Sherwood’s Birds

Home to native species and seasonal visitors, there are so many feathered friends to spot.

In the late winter and early spring, listen out for our resident woodpeckers drumming; in summer, enjoy song from the nuthatch, the garden and willow warblers, and the unmistakeable call of the cuckoo.

Eurasian nuthatch Sitta europaea caesia, perched on branch, March

Eurasian nuthatch

The rich and diverse bird life is all around – nightjars and woodlarks live on the heaths on our Budby reserve to the north of Sherwood Forest; woodcocks, tawny owls, green, great spotted and lesser spotted woodpeckers, stock doves, jackdaws, jays, nuthatches, treecreeper, marsh tits and goldcrests can all be found in the woodland. The more open areas have tree pipits, redstarts and spotted flycatchers in spring and summer. Listen carefully to pick out a chiffchaff, singing its eponymous song, or a willow warbler. Look out for jays and redwings in autumn.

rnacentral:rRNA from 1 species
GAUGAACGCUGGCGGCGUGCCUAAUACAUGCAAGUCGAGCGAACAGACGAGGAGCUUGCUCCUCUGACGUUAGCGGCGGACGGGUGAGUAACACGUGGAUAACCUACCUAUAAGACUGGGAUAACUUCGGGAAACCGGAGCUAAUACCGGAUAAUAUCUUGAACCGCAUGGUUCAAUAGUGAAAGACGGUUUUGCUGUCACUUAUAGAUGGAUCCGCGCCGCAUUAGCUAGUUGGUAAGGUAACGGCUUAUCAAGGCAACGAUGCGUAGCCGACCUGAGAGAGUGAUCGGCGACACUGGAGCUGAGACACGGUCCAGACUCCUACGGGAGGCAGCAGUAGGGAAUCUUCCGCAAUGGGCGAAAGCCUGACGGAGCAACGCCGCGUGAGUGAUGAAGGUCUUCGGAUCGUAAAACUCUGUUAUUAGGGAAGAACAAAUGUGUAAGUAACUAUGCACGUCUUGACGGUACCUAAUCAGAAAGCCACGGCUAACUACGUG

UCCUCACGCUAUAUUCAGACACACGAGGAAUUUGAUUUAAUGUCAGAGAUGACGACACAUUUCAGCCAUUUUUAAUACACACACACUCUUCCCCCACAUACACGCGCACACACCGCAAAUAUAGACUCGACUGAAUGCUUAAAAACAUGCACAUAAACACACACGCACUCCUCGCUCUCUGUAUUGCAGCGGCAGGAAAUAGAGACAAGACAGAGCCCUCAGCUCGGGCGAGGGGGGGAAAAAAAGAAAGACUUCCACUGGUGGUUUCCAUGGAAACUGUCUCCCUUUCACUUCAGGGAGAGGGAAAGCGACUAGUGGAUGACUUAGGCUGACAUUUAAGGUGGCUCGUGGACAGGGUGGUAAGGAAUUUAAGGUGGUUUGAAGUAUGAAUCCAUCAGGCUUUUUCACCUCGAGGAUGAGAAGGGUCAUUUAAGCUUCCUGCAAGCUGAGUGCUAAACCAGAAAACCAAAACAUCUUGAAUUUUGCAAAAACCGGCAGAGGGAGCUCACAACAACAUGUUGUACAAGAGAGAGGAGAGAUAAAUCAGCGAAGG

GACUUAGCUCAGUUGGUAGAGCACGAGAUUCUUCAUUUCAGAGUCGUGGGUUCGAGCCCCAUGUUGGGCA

Redstart Phoenicurus phoenicurus, male standing on old piece of bark on silverbirch tree

Common Redstart

Our adjoining reserve at Budby Forest South provides the perfect setting  for a very special and rare bird – the nightjar. Known for their distinctive churring call, they are perfectly camouflaged against the heathland they occupy, with mottled brown and black markings. As darkness falls, the male bird calls in a distinctive, low, constant ‘churr’. We are restoring historic open habitats and softening woodland edges to create the perfect conditions for these beguiling birds to thrive. These conditions are also going to benefit iconic heathland species like tree pipits and woodlarks.